According to TV Newser’s Chris Ariens, doughty conservative talk-radio eminence Hugh Hewitt, who in recent years has made an effort to land some cozier sinecures within the mainstream media universe, has finally found a cable news suitor willing to formally put a ring on his finger. Hewitt’s maiden fair, in this case, is MSNBC, which will produce a weekly show for the right-wing talker on Saturday mornings at 8 am. It’s sure to live happily in that timeslot, alongside other Saturday morning cartoons.
For that odd lot known as “liberal cable news fans,” this decision is sure to touch off another round of lamentations over what is going on at good old NBC News. In recent weeks, the network’s news division has brought on former Fox News castaways Greta Van Susteren and Megyn Kelly (most recently seen shining up maniacal conspiracist Alex Jones for mainstream consumption), as well as giving former George W. Bush adviser Nicolle Wallace her own weekly show at four o’clock in the afternoon. The line on this, for critics of these moves, is that the network is on a “white conservative hiring spree.” (A Credo Action petition contextualizes these moves by comparing it to a mass migration of “black and brown talent” from those same airwaves during this time.)
As Slate’s Will Oremus pointed out back in May, these moves are part of a larger trend of nominally liberal media outlets signing up fresh (to them, anyway) conservative talent. Everyone has a pet theory as to why that’s happening, but in MSNBC’s case, we needn’t beat around the bush: Cable news outlets tend to be not much more than centrist political social salons. This means, among other things, that MSNBC’s reputation as a perch for liberal thought leaders is really the legacy of a long-ago ratings play made at the tail end of the failed Bush presidency. Any deeply felt ideological convictions that may have figured into the network’s makeover had everything to do with the 18 to 34 demographic, and nothing to do with anything that could plausibly labeled as the resistance, then or now.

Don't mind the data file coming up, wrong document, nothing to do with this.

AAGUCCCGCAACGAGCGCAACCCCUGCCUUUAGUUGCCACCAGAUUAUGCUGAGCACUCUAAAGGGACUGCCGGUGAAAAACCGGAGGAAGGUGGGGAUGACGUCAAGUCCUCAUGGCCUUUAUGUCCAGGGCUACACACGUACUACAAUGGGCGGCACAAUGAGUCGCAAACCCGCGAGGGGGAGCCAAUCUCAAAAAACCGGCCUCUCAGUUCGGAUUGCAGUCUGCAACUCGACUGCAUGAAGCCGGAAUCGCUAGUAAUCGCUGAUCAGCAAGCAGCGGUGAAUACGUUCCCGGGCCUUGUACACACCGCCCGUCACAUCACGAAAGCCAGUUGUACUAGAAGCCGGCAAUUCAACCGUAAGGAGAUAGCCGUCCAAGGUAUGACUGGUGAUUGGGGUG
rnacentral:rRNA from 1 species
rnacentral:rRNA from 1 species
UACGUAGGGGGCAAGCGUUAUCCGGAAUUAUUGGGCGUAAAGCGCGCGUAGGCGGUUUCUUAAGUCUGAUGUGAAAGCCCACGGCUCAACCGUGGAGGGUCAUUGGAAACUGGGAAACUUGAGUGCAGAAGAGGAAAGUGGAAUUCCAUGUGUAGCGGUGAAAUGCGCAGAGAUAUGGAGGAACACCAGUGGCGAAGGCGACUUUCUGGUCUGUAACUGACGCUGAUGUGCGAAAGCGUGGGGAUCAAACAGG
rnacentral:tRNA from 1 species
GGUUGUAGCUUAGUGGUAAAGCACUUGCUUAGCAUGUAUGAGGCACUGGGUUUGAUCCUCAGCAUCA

An interview with Hewitt is basically like being on a Tinder date with a madman who won’t stop talking about his hobbies.
And now, with President Donald Trump’s ascension having caught nearly everyone in the media by surprise, further rejiggerings are necessary to reflect the new order and chase the latest trendlets. NBC News’ chairman Andrew Lack, is clearly quite keen to be one more general leading his charges into the battle to understand What Just Happened To America. As always, cable news is fighting the last war. But the truth is, Hewitt is going to be an ideal footsoldier in this offensive. He is going to fit in quite well at MSNBC.